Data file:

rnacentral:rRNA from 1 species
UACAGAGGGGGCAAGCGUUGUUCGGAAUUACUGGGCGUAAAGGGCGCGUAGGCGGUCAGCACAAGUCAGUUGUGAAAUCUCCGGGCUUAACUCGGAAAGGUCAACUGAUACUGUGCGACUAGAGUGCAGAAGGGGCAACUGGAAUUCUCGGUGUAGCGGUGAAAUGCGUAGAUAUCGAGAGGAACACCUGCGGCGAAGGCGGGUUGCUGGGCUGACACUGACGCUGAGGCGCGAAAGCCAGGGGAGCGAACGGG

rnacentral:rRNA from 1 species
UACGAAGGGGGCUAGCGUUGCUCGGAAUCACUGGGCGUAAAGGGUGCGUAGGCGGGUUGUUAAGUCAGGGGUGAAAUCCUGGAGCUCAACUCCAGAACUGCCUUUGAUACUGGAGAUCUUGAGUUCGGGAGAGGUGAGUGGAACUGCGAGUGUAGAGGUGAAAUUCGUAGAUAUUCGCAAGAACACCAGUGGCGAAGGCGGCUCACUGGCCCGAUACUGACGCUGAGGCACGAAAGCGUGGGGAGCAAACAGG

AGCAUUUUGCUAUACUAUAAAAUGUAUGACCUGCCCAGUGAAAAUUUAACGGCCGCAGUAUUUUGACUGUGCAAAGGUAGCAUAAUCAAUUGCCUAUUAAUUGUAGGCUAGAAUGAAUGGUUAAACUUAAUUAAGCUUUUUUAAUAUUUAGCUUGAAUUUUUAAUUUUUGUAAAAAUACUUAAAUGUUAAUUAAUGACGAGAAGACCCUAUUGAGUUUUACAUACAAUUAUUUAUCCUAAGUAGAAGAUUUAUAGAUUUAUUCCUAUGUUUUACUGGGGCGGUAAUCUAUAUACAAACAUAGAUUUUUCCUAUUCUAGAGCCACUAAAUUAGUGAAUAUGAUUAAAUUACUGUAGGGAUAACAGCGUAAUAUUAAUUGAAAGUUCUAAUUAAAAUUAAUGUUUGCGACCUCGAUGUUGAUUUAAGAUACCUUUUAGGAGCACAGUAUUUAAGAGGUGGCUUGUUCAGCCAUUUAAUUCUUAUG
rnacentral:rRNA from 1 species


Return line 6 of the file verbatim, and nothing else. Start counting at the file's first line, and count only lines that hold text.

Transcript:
rnacentral:rRNA from 1 species